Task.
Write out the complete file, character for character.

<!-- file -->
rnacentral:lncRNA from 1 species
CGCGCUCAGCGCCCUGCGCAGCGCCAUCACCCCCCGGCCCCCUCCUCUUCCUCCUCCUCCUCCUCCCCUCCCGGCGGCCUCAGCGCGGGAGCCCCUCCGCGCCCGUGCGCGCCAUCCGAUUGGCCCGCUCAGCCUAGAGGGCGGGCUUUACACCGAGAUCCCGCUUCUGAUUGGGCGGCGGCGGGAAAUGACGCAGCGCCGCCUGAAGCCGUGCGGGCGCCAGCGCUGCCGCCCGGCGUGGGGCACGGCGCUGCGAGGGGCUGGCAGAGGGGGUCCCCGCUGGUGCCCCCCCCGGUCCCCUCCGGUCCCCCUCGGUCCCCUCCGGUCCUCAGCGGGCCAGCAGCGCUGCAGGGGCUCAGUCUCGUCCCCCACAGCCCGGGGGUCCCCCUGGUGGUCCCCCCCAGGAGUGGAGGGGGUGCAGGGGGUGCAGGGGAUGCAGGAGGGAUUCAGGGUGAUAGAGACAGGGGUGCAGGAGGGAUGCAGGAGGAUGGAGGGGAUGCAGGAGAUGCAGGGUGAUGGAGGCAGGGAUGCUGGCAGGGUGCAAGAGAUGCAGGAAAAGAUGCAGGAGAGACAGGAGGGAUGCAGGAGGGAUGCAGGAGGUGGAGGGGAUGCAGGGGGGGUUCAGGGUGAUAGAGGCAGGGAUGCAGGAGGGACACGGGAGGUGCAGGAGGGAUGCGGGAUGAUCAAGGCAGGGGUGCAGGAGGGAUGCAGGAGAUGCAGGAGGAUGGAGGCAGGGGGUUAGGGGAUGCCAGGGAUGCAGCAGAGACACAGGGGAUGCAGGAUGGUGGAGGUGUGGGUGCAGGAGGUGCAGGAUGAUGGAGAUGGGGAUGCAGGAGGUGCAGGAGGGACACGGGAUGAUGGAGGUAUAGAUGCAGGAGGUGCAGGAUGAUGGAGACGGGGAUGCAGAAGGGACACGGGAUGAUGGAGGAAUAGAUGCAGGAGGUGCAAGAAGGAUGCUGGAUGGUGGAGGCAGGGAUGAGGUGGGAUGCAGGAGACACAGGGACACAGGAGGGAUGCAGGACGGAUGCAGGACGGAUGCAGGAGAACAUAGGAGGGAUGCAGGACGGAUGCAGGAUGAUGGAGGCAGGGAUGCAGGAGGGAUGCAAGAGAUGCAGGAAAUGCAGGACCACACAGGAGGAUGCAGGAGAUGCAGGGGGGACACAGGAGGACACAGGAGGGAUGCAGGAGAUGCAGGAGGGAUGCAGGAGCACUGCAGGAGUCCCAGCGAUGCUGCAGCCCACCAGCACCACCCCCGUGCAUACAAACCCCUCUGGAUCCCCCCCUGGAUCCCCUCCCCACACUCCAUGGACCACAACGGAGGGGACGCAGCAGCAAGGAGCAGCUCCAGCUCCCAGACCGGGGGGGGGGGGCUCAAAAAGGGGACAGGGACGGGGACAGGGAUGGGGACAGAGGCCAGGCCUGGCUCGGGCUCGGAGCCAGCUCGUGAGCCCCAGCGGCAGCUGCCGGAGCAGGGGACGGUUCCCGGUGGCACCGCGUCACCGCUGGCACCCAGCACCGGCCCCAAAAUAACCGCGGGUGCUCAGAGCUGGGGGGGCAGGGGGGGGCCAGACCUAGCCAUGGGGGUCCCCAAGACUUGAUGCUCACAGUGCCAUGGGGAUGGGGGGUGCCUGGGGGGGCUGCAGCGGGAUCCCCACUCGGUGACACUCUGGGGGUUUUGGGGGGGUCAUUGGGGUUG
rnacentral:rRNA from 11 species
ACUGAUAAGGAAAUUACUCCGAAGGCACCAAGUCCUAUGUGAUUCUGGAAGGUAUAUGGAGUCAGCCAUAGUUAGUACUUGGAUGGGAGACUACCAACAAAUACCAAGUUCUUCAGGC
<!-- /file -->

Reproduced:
rnacentral:lncRNA from 1 species
CGCGCUCAGCGCCCUGCGCAGCGCCAUCACCCCCCGGCCCCCUCCUCUUCCUCCUCCUCCUCCUCCCCUCCCGGCGGCCUCAGCGCGGGAGCCCCUCCGCGCCCGUGCGCGCCAUCCGAUUGGCCCGCUCAGCCUAGAGGGCGGGCUUUACACCGAGAUCCCGCUUCUGAUUGGGCGGCGGCGGGAAAUGACGCAGCGCCGCCUGAAGCCGUGCGGGCGCCAGCGCUGCCGCCCGGCGUGGGGCACGGCGCUGCGAGGGGCUGGCAGAGGGGGUCCCCGCUGGUGCCCCCCCCGGUCCCCUCCGGUCCCCCUCGGUCCCCUCCGGUCCUCAGCGGGCCAGCAGCGCUGCAGGGGCUCAGUCUCGUCCCCCACAGCCCGGGGGUCCCCCUGGUGGUCCCCCCCAGGAGUGGAGGGGGUGCAGGGGGUGCAGGGGAUGCAGGAGGGAUUCAGGGUGAUAGAGACAGGGGUGCAGGAGGGAUGCAGGAGGAUGGAGGGGAUGCAGGAGAUGCAGGGUGAUGGAGGCAGGGAUGCUGGCAGGGUGCAAGAGAUGCAGGAAAAGAUGCAGGAGAGACAGGAGGGAUGCAGGAGGGAUGCAGGAGGUGGAGGGGAUGCAGGGGGGGUUCAGGGUGAUAGAGGCAGGGAUGCAGGAGGGACACGGGAGGUGCAGGAGGGAUGCGGGAUGAUCAAGGCAGGGGUGCAGGAGGGAUGCAGGAGAUGCAGGAGGAUGGAGGCAGGGGGUUAGGGGAUGCCAGGGAUGCAGCAGAGACACAGGGGAUGCAGGAUGGUGGAGGUGUGGGUGCAGGAGGUGCAGGAUGAUGGAGAUGGGGAUGCAGGAGGUGCAGGAGGGACACGGGAUGAUGGAGGUAUAGAUGCAGGAGGUGCAGGAUGAUGGAGACGGGGAUGCAGAAGGGACACGGGAUGAUGGAGGAAUAGAUGCAGGAGGUGCAAGAAGGAUGCUGGAUGGUGGAGGCAGGGAUGAGGUGGGAUGCAGGAGACACAGGGACACAGGAGGGAUGCAGGACGGAUGCAGGACGGAUGCAGGAGAACAUAGGAGGGAUGCAGGACGGAUGCAGGAUGAUGGAGGCAGGGAUGCAGGAGGGAUGCAAGAGAUGCAGGAAAUGCAGGACCACACAGGAGGAUGCAGGAGAUGCAGGGGGGACACAGGAGGACACAGGAGGGAUGCAGGAGAUGCAGGAGGGAUGCAGGAGCACUGCAGGAGUCCCAGCGAUGCUGCAGCCCACCAGCACCACCCCCGUGCAUACAAACCCCUCUGGAUCCCCCCCUGGAUCCCCUCCCCACACUCCAUGGACCACAACGGAGGGGACGCAGCAGCAAGGAGCAGCUCCAGCUCCCAGACCGGGGGGGGGGGGCUCAAAAAGGGGACAGGGACGGGGACAGGGAUGGGGACAGAGGCCAGGCCUGGCUCGGGCUCGGAGCCAGCUCGUGAGCCCCAGCGGCAGCUGCCGGAGCAGGGGACGGUUCCCGGUGGCACCGCGUCACCGCUGGCACCCAGCACCGGCCCCAAAAUAACCGCGGGUGCUCAGAGCUGGGGGGGCAGGGGGGGGCCAGACCUAGCCAUGGGGGUCCCCAAGACUUGAUGCUCACAGUGCCAUGGGGAUGGGGGGUGCCUGGGGGGGCUGCAGCGGGAUCCCCACUCGGUGACACUCUGGGGGUUUUGGGGGGGUCAUUGGGGUUG
rnacentral:rRNA from 11 species
ACUGAUAAGGAAAUUACUCCGAAGGCACCAAGUCCUAUGUGAUUCUGGAAGGUAUAUGGAGUCAGCCAUAGUUAGUACUUGGAUGGGAGACUACCAACAAAUACCAAGUUCUUCAGGC